RTI Act plea shows SICs ill-equipped
As reported in The Pioneer on New Delhi on 21/03/2008
When Rajya Sabha MP MV Mysura Reddy set out to seek information under RTI Act from the implementing agencies - State Information Commissions - little did he realise that law enforcers could become law breakers. Out of the 26 commissions he sought information from, 17 did not even acknowledge his applications.
This is not all. Even the nine commissions that responded either complained of lack of funds and staff or did not furnish the complete information in the required format. Dr Reddy started his quest for information in January. He sought information on several aspects including how many cases were pending, complaints received, action taken against errant officials. Two months down the line, only a handful of States have responded. Even these replies have revealed what the common man has to go through to exercise his right to information.
Sample this: Himachal Pradesh asked Dr Reddy to deposit Rs 65 (including Rs 25 registered post charges) if he needed the information. This is when there were no photocopies of documents sought. According to RTI rules, the States can charge money to provide photocopies of files or documents sought. Himachal Pradesh is the only State that asked for this sum.
Maharashtra, which had notified its Act in October 2005, has given a meticulous and proper reply. Apart from Maharashtra, no other State was willing. Goa and Kerala openly admitted to facing a "shortage of staff" problem. Despite the rule that the applicant can seek information on a plain sheet of paper, Orissa returned the application asking Dr Reddy to apply in a particular format on Form A, which was attached.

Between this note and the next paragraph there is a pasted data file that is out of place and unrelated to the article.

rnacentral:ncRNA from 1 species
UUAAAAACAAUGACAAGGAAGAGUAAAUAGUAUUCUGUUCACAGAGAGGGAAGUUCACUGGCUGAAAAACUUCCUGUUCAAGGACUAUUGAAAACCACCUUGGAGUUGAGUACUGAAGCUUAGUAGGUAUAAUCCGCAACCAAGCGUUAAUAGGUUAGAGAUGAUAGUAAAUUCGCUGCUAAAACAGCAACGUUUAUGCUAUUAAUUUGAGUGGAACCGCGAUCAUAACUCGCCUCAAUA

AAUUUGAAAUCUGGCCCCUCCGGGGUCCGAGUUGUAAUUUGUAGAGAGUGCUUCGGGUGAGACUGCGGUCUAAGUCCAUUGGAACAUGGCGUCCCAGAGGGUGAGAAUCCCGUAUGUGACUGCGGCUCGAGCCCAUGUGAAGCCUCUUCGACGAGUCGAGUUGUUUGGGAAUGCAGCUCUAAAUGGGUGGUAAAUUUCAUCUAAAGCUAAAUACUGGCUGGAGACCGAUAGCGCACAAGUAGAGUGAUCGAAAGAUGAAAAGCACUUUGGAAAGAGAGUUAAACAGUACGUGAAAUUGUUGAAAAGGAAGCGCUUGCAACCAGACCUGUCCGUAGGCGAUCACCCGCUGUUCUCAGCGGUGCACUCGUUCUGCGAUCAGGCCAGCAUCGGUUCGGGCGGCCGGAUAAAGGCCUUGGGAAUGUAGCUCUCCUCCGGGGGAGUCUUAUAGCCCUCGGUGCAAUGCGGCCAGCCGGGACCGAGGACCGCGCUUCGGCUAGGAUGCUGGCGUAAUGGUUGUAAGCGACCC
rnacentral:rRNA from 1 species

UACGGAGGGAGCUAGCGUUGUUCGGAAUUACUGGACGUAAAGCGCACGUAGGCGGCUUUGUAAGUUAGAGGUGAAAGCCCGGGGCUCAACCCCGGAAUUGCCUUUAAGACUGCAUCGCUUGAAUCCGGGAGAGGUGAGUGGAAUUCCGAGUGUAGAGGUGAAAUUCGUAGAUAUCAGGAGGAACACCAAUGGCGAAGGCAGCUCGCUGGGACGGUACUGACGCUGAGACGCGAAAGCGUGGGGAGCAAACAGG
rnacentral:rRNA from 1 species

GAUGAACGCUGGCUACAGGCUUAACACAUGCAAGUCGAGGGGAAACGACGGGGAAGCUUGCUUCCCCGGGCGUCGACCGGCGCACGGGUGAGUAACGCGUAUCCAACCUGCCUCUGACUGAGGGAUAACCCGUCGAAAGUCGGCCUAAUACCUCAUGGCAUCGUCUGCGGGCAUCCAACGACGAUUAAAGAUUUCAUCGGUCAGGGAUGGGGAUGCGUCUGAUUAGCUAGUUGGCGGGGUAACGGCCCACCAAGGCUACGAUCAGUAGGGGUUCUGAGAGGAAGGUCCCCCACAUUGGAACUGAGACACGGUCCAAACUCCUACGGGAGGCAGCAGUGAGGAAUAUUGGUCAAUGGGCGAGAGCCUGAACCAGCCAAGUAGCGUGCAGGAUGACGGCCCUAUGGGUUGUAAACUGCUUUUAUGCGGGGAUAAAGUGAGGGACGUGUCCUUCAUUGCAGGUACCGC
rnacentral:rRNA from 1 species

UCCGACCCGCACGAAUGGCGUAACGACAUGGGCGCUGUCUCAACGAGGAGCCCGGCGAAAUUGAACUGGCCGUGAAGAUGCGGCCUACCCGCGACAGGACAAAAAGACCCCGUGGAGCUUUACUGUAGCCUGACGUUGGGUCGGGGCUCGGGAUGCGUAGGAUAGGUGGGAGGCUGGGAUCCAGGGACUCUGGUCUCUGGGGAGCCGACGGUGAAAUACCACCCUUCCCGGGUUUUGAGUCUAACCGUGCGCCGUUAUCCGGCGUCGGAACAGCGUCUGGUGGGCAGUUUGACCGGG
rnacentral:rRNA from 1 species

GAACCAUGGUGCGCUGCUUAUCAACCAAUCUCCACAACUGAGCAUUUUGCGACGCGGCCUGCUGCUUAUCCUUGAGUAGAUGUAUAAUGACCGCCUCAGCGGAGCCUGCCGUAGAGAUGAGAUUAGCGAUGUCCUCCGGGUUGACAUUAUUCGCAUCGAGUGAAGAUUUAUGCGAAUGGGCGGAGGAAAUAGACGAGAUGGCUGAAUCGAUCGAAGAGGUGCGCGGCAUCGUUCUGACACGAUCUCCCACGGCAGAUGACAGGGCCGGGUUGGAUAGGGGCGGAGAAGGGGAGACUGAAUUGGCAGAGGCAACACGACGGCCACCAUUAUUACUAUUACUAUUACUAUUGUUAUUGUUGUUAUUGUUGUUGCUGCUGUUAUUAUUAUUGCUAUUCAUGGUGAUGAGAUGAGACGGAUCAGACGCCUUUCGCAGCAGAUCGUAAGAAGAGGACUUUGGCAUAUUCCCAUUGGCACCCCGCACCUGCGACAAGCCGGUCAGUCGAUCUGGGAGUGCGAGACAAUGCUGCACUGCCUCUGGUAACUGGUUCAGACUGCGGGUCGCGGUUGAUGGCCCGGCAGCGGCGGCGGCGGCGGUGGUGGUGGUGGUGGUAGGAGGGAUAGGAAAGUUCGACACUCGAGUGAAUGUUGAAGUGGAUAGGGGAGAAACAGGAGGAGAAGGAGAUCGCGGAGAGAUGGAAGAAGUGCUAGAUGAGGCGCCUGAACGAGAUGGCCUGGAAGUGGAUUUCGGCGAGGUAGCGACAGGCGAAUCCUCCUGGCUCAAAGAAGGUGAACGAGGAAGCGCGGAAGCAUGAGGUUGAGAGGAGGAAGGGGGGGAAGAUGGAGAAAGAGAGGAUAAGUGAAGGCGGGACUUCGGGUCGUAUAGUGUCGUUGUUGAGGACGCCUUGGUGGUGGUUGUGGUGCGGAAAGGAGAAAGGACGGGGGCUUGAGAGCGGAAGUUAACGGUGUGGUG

While Tamil Nadu made a half-hearted attempt at providing information, it made no bones about the fact that the reply was not in the format asked for. The reply clearly said: "We have to concentrate on providing information expeditiously and dispose the cases as quickly as possible and we have stuck to this procedure right from the beginning." However, the SIC did not provide any data at all and vague replies have been given. Similarly, Punjab SIC has simply stated: "Please refer to our website" in several questions.
Dr Reddy said: "The Information Commissions seem to have become a rehabilitation centre for retiring officers. As a Rajya Sabha MP I have the privilege of writing a letter and seeking information and the officers must reply to me. But here most commissions have not even bothered to acknowledge." Dr Reddy has already written to Prime Minister Manmohan Singh on the issue and is now planning to move a Private Members Amendment Bill in Parliament to make RTI Act more stringent.